Understanding the Perceptions and Attitudes of Fruit and Vegetable Farmers Towards Organic Farming in Tennessee
The demand for the organic food has increased dramatically over the last few years in the USA, organic crop production is not increasing proportionally. In Tennessee numbers of certified organic farms are very low compared to other states in USA. The Primary objective of the study is to identify and analyze fruit and vegetable farmers’ perceptions towards organic farming in Tennessee. Two hundred and fifty conventional and organic farmers were randomly selected from the Pick Tennessee products database including farm owners, farm operators that were considered to be “organically certified”, “organic-not certified” and “naturally grown” or "conventional" in their farming practices. From the responses of 116 farmers revealed that 65% of respondents are following organic farming practices. Also, all the eight variables selected as farmers’ perceptions towards organic farming were affected growing practices. There were significant relationships (p? 0.05) between some growing practices and perceptions. Most of the organic farmers have identified high cost of production, labor intensity, pest and disease problems and certification process as challenges to continue their organic farming. Conventional farmers have identified high cost of production, time consuming as some of major barriers to enter into organic farming. According to the results, factors such as producing vegetables, farming experience, hours work per week on farm, gender, annual cash farm income contributed significantly to the adoption of organic farming. These observations on farmer perceptions and attitudes gives a better explanation for the lower organic production in Tennessee.^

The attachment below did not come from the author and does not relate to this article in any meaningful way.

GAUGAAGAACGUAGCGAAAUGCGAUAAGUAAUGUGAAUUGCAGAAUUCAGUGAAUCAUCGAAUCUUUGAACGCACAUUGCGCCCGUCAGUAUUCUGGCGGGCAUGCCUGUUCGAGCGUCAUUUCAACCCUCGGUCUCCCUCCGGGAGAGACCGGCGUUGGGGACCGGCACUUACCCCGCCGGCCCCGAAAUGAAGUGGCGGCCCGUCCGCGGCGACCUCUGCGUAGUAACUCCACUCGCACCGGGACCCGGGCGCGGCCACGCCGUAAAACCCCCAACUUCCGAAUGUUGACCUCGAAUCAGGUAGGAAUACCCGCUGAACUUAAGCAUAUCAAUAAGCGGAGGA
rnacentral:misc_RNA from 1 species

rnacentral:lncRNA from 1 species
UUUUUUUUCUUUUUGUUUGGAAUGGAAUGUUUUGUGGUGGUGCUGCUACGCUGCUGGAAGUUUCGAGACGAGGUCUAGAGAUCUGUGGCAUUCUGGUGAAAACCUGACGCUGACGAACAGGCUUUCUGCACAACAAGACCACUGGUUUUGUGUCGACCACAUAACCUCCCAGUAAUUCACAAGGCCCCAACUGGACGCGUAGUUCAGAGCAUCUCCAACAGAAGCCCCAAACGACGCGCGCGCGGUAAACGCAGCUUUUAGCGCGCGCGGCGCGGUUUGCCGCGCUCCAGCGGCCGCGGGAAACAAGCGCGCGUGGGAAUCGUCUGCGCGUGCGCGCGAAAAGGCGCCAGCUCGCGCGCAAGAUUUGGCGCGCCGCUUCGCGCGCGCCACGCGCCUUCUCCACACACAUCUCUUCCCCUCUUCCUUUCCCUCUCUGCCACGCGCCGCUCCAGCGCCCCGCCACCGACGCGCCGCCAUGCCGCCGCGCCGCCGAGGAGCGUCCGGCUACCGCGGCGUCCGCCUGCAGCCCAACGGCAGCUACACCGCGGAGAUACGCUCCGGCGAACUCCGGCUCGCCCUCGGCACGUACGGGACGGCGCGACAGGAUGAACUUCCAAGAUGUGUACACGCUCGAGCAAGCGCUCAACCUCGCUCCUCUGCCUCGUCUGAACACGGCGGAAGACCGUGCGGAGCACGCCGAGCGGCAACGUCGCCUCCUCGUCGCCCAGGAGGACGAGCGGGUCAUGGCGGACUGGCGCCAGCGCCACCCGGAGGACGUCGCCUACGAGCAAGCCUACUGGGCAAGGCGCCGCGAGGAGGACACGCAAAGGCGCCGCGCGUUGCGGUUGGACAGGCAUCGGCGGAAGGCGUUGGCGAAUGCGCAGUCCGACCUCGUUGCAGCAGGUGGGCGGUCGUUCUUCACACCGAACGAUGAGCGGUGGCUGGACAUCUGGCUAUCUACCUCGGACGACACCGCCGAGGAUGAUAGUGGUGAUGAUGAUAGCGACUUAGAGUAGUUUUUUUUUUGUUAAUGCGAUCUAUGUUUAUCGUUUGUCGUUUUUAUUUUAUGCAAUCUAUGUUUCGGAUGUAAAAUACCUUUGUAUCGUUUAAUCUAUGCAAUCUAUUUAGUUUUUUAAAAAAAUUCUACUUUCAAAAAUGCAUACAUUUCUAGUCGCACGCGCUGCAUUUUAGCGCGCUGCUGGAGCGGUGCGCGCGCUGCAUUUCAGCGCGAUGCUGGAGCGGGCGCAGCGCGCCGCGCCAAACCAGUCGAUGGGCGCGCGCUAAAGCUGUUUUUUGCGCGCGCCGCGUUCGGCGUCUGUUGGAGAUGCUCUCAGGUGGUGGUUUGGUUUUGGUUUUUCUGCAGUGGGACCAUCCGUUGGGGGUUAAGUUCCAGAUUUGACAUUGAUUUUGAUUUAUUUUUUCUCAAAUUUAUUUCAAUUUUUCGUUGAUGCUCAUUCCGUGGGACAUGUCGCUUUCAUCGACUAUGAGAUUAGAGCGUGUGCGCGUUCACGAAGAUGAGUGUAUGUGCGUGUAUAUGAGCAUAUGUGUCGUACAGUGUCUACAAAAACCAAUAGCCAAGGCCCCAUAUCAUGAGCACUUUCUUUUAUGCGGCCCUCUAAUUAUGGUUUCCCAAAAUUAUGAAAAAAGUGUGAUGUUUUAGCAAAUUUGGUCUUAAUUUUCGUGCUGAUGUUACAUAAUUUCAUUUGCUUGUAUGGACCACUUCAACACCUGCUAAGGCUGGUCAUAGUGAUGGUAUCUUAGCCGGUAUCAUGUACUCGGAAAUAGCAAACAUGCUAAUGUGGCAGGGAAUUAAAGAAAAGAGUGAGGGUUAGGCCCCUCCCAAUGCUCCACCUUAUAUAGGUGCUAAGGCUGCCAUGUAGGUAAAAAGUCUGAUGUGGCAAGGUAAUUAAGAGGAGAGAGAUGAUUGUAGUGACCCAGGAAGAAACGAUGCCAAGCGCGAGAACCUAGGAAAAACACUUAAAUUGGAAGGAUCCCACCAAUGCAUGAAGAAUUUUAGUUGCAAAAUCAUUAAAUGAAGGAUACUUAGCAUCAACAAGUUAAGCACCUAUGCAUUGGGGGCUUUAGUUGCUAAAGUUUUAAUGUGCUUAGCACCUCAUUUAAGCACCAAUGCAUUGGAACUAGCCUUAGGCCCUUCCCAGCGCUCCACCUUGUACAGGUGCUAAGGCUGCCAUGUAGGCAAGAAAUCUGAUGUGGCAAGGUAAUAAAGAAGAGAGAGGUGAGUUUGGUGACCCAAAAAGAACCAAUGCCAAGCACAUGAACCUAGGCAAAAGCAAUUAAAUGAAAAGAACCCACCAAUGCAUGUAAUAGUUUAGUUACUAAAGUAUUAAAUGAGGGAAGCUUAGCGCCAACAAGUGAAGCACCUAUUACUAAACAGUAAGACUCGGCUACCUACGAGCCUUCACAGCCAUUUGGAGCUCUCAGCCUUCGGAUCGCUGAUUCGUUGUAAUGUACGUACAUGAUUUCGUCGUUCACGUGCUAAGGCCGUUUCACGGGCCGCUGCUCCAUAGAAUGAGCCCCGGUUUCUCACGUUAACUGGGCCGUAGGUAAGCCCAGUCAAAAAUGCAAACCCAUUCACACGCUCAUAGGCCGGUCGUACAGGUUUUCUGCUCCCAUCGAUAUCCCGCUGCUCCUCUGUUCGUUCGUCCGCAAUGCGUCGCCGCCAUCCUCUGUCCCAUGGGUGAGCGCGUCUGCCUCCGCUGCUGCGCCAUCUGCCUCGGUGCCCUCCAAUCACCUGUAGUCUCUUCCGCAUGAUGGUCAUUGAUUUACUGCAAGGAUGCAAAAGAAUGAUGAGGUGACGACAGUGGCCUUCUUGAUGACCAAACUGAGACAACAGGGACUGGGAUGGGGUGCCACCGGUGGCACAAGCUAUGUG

Kumuditha Dilanka Hikkaduwa Epa Liyanage,
"Understanding the Perceptions and Attitudes of Fruit and Vegetable Farmers Towards Organic Farming in Tennessee"
ETD Collection for Tennessee State University.